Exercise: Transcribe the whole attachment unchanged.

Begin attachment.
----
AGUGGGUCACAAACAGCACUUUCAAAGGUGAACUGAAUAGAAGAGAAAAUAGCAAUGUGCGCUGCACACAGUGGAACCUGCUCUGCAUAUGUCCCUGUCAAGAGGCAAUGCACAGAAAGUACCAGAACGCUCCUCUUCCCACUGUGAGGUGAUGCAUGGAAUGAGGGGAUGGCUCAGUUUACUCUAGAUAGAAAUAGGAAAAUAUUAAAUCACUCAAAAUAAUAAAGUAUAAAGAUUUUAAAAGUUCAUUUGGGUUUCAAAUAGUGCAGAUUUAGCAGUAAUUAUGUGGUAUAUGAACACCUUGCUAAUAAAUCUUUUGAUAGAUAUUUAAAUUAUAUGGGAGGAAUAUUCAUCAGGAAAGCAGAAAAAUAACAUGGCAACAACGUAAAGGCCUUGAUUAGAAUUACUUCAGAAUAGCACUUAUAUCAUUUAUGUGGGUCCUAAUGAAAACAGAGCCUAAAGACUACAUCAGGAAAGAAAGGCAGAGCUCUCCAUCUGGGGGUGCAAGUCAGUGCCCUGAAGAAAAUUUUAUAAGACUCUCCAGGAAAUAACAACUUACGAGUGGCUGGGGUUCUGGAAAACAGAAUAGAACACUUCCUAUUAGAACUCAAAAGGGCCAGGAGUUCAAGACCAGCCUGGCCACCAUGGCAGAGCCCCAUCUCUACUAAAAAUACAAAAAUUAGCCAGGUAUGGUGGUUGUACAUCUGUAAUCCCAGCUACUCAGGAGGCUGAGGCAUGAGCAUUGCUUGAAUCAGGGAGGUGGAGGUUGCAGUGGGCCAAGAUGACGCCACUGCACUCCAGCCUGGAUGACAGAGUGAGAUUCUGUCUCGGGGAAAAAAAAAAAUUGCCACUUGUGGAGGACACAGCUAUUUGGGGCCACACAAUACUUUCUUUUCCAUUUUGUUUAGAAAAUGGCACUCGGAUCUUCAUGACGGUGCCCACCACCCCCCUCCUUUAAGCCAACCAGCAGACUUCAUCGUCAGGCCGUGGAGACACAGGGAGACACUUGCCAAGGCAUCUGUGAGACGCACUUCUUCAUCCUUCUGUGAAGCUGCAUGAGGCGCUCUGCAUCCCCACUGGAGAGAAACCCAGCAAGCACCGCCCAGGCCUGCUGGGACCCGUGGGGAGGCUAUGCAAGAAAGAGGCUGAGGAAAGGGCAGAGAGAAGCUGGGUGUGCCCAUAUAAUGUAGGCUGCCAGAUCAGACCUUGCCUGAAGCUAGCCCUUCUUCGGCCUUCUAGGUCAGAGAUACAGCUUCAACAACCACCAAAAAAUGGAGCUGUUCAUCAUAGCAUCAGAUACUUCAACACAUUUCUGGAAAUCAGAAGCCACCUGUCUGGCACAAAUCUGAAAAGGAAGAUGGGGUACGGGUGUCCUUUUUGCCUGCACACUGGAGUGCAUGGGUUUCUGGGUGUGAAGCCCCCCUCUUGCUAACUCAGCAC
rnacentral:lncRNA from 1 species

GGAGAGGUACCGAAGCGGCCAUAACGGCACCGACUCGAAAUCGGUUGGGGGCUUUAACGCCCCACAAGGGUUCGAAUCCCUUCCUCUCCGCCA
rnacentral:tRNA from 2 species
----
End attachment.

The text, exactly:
AGUGGGUCACAAACAGCACUUUCAAAGGUGAACUGAAUAGAAGAGAAAAUAGCAAUGUGCGCUGCACACAGUGGAACCUGCUCUGCAUAUGUCCCUGUCAAGAGGCAAUGCACAGAAAGUACCAGAACGCUCCUCUUCCCACUGUGAGGUGAUGCAUGGAAUGAGGGGAUGGCUCAGUUUACUCUAGAUAGAAAUAGGAAAAUAUUAAAUCACUCAAAAUAAUAAAGUAUAAAGAUUUUAAAAGUUCAUUUGGGUUUCAAAUAGUGCAGAUUUAGCAGUAAUUAUGUGGUAUAUGAACACCUUGCUAAUAAAUCUUUUGAUAGAUAUUUAAAUUAUAUGGGAGGAAUAUUCAUCAGGAAAGCAGAAAAAUAACAUGGCAACAACGUAAAGGCCUUGAUUAGAAUUACUUCAGAAUAGCACUUAUAUCAUUUAUGUGGGUCCUAAUGAAAACAGAGCCUAAAGACUACAUCAGGAAAGAAAGGCAGAGCUCUCCAUCUGGGGGUGCAAGUCAGUGCCCUGAAGAAAAUUUUAUAAGACUCUCCAGGAAAUAACAACUUACGAGUGGCUGGGGUUCUGGAAAACAGAAUAGAACACUUCCUAUUAGAACUCAAAAGGGCCAGGAGUUCAAGACCAGCCUGGCCACCAUGGCAGAGCCCCAUCUCUACUAAAAAUACAAAAAUUAGCCAGGUAUGGUGGUUGUACAUCUGUAAUCCCAGCUACUCAGGAGGCUGAGGCAUGAGCAUUGCUUGAAUCAGGGAGGUGGAGGUUGCAGUGGGCCAAGAUGACGCCACUGCACUCCAGCCUGGAUGACAGAGUGAGAUUCUGUCUCGGGGAAAAAAAAAAAUUGCCACUUGUGGAGGACACAGCUAUUUGGGGCCACACAAUACUUUCUUUUCCAUUUUGUUUAGAAAAUGGCACUCGGAUCUUCAUGACGGUGCCCACCACCCCCCUCCUUUAAGCCAACCAGCAGACUUCAUCGUCAGGCCGUGGAGACACAGGGAGACACUUGCCAAGGCAUCUGUGAGACGCACUUCUUCAUCCUUCUGUGAAGCUGCAUGAGGCGCUCUGCAUCCCCACUGGAGAGAAACCCAGCAAGCACCGCCCAGGCCUGCUGGGACCCGUGGGGAGGCUAUGCAAGAAAGAGGCUGAGGAAAGGGCAGAGAGAAGCUGGGUGUGCCCAUAUAAUGUAGGCUGCCAGAUCAGACCUUGCCUGAAGCUAGCCCUUCUUCGGCCUUCUAGGUCAGAGAUACAGCUUCAACAACCACCAAAAAAUGGAGCUGUUCAUCAUAGCAUCAGAUACUUCAACACAUUUCUGGAAAUCAGAAGCCACCUGUCUGGCACAAAUCUGAAAAGGAAGAUGGGGUACGGGUGUCCUUUUUGCCUGCACACUGGAGUGCAUGGGUUUCUGGGUGUGAAGCCCCCCUCUUGCUAACUCAGCAC
rnacentral:lncRNA from 1 species

GGAGAGGUACCGAAGCGGCCAUAACGGCACCGACUCGAAAUCGGUUGGGGGCUUUAACGCCCCACAAGGGUUCGAAUCCCUUCCUCUCCGCCA
rnacentral:tRNA from 2 species